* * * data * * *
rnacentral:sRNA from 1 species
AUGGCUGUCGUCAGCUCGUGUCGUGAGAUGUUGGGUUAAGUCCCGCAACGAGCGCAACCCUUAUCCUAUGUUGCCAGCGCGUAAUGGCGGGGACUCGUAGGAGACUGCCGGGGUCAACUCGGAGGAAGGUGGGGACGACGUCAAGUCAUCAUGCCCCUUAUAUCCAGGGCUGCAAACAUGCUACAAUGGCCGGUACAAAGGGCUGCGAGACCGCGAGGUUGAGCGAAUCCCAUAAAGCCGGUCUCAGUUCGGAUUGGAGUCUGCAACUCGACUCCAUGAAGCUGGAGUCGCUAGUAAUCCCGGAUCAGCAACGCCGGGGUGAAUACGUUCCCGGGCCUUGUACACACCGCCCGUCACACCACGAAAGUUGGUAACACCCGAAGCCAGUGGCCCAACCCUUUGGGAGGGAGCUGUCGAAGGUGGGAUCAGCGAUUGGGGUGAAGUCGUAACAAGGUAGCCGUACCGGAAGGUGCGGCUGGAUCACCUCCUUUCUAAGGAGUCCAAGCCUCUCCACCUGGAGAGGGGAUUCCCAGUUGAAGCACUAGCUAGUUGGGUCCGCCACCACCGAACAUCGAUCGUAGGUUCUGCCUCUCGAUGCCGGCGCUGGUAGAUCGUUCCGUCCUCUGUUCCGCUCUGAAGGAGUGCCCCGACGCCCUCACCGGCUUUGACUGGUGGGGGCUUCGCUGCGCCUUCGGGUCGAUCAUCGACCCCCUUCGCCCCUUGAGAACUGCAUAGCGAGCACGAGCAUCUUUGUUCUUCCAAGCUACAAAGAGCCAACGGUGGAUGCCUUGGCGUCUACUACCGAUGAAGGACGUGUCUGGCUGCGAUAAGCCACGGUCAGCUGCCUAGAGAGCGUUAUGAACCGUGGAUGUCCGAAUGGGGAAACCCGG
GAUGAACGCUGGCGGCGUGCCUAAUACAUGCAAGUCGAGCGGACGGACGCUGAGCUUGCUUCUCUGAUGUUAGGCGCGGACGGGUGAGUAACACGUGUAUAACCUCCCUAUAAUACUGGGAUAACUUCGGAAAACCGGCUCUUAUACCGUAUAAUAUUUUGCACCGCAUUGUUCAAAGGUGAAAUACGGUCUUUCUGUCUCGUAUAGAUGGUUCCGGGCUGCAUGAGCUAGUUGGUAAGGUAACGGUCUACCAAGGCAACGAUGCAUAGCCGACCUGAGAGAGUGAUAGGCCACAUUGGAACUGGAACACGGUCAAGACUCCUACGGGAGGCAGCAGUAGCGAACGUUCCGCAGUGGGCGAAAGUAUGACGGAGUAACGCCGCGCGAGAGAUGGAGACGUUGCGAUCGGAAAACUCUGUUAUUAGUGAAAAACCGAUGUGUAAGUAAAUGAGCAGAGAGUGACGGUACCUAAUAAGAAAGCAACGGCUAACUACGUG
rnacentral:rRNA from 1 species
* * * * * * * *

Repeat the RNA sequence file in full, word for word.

rnacentral:sRNA from 1 species
AUGGCUGUCGUCAGCUCGUGUCGUGAGAUGUUGGGUUAAGUCCCGCAACGAGCGCAACCCUUAUCCUAUGUUGCCAGCGCGUAAUGGCGGGGACUCGUAGGAGACUGCCGGGGUCAACUCGGAGGAAGGUGGGGACGACGUCAAGUCAUCAUGCCCCUUAUAUCCAGGGCUGCAAACAUGCUACAAUGGCCGGUACAAAGGGCUGCGAGACCGCGAGGUUGAGCGAAUCCCAUAAAGCCGGUCUCAGUUCGGAUUGGAGUCUGCAACUCGACUCCAUGAAGCUGGAGUCGCUAGUAAUCCCGGAUCAGCAACGCCGGGGUGAAUACGUUCCCGGGCCUUGUACACACCGCCCGUCACACCACGAAAGUUGGUAACACCCGAAGCCAGUGGCCCAACCCUUUGGGAGGGAGCUGUCGAAGGUGGGAUCAGCGAUUGGGGUGAAGUCGUAACAAGGUAGCCGUACCGGAAGGUGCGGCUGGAUCACCUCCUUUCUAAGGAGUCCAAGCCUCUCCACCUGGAGAGGGGAUUCCCAGUUGAAGCACUAGCUAGUUGGGUCCGCCACCACCGAACAUCGAUCGUAGGUUCUGCCUCUCGAUGCCGGCGCUGGUAGAUCGUUCCGUCCUCUGUUCCGCUCUGAAGGAGUGCCCCGACGCCCUCACCGGCUUUGACUGGUGGGGGCUUCGCUGCGCCUUCGGGUCGAUCAUCGACCCCCUUCGCCCCUUGAGAACUGCAUAGCGAGCACGAGCAUCUUUGUUCUUCCAAGCUACAAAGAGCCAACGGUGGAUGCCUUGGCGUCUACUACCGAUGAAGGACGUGUCUGGCUGCGAUAAGCCACGGUCAGCUGCCUAGAGAGCGUUAUGAACCGUGGAUGUCCGAAUGGGGAAACCCGG
GAUGAACGCUGGCGGCGUGCCUAAUACAUGCAAGUCGAGCGGACGGACGCUGAGCUUGCUUCUCUGAUGUUAGGCGCGGACGGGUGAGUAACACGUGUAUAACCUCCCUAUAAUACUGGGAUAACUUCGGAAAACCGGCUCUUAUACCGUAUAAUAUUUUGCACCGCAUUGUUCAAAGGUGAAAUACGGUCUUUCUGUCUCGUAUAGAUGGUUCCGGGCUGCAUGAGCUAGUUGGUAAGGUAACGGUCUACCAAGGCAACGAUGCAUAGCCGACCUGAGAGAGUGAUAGGCCACAUUGGAACUGGAACACGGUCAAGACUCCUACGGGAGGCAGCAGUAGCGAACGUUCCGCAGUGGGCGAAAGUAUGACGGAGUAACGCCGCGCGAGAGAUGGAGACGUUGCGAUCGGAAAACUCUGUUAUUAGUGAAAAACCGAUGUGUAAGUAAAUGAGCAGAGAGUGACGGUACCUAAUAAGAAAGCAACGGCUAACUACGUG
rnacentral:rRNA from 1 species